Every year, millions of undocumented immigrants in America make an astounding statement through their compliance with one particular law: filing taxes. As African immigrants continue to remain the strong arm for major cities across the United States by taking on low paying yet significant jobs, they are continuously denied a major part of the American dream- government aid. Ironically, millions of immigrants still feel the urge to abide by the tax laws of the land.
The phrase, "We pay taxes too,"--often uttered in defense of undocumented workers in America's a testament not to be taken lightly. Since 1990, more than 50,000 African immigrants have entered the United States each year. Experts say that untold billions of dollars are contributed each year by 8 to 11 million illegal immigrants in the United States. But since undocumented workers can't share in the fruits of their hard labor, the average first generation American may question how and why most undocumented workers even bother to file taxes.
The 'how' came in 1996 when the IRS began issuing Individual Taxpayer Identification Numbers (ITIN). The nine-digit numbers are freely given to immigrants to use in replace of social security numbers in order to legally report their earnings. Since then, the IRS has been widely criticized by two very conflicting groups. Many of those in favor of undocumented workers receiving benefits view ITIN numbers as the government's two-faced method of taking money from individuals who will never receive social security, Medicaid, or welfare benefits.
Those in favor of stricter immigration reforms however, have described the IRS as an enabler of illegal immigration. ITINs, which are formatted like social security numbers (XXX-XX-XXXX), have also aided in acts of corruption. Many have used the ID number to open bank accounts, apply for driver licenses, and rent apartments. In fact, the IRS acknowledged in the past that one fourth of issued ITINs didn't show up on tax returns.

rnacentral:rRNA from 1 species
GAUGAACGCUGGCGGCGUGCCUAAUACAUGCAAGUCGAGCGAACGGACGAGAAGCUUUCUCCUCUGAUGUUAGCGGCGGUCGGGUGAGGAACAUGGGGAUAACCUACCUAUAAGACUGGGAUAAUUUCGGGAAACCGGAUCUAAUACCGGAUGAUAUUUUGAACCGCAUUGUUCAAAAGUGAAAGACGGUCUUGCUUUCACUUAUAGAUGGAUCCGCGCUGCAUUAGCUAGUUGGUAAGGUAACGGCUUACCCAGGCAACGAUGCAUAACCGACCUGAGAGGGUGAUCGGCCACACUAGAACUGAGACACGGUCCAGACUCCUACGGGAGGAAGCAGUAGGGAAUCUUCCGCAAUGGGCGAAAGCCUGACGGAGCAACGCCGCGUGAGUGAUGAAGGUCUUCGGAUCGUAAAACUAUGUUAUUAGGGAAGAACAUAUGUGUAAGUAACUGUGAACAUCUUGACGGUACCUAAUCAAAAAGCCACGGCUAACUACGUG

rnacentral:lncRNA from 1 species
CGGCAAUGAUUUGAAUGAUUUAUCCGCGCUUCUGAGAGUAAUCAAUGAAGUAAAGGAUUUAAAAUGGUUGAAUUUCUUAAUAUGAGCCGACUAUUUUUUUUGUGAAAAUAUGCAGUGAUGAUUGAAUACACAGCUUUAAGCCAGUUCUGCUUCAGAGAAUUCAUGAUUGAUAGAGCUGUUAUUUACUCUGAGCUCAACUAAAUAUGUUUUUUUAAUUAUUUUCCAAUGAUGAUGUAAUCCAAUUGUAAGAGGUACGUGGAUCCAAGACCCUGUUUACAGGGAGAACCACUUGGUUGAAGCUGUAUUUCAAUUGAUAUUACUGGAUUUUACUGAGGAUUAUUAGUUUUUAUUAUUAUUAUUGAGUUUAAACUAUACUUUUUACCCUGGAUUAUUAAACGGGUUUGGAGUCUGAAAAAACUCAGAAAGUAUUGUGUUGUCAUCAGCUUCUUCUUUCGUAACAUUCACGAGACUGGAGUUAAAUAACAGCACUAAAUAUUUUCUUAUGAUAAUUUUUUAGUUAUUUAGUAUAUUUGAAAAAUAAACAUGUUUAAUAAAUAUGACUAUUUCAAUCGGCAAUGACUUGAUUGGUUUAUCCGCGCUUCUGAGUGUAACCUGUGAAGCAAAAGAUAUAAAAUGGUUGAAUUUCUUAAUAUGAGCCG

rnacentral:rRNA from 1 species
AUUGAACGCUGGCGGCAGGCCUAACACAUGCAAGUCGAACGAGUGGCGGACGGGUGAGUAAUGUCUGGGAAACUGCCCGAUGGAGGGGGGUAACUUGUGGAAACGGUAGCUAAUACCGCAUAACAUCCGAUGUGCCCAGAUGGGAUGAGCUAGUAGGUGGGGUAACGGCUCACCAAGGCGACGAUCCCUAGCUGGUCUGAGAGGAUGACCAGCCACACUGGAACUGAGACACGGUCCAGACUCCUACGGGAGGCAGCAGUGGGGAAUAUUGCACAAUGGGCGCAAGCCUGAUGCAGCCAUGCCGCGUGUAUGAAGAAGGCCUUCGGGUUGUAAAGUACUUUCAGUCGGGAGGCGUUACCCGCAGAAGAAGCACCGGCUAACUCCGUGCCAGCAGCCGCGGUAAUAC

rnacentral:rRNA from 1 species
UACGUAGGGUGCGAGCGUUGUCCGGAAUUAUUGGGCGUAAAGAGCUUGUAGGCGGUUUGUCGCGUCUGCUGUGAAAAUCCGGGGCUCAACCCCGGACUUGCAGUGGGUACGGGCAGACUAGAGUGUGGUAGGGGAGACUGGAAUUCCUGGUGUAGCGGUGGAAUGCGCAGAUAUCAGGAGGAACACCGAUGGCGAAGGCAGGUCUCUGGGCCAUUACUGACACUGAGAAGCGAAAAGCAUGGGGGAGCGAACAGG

Despite the whirlwind of debate, millions of undocumented immigrants bravely come forward each year to do what they feel is the honorable thing. Some feel that it's the best way to show that they are good, law abiding citizens. Others have expressed that paying taxes may lead to a leniencies in current immigration laws.
In 2004 President Bush proposed a guest worker program that will enable illegal immigrants to legally work in the United States for a specific amount of time. Though the program continues to face strong opposition, many see it as flicker of light at the end of a dark tunnel. In the mean-time, millions of undocumented workers continue to do their part in a land that boasts endless opportunities beyond their immediate reach. But during tax season, the testimony of such good, law abiding citizens is heard loud and clear.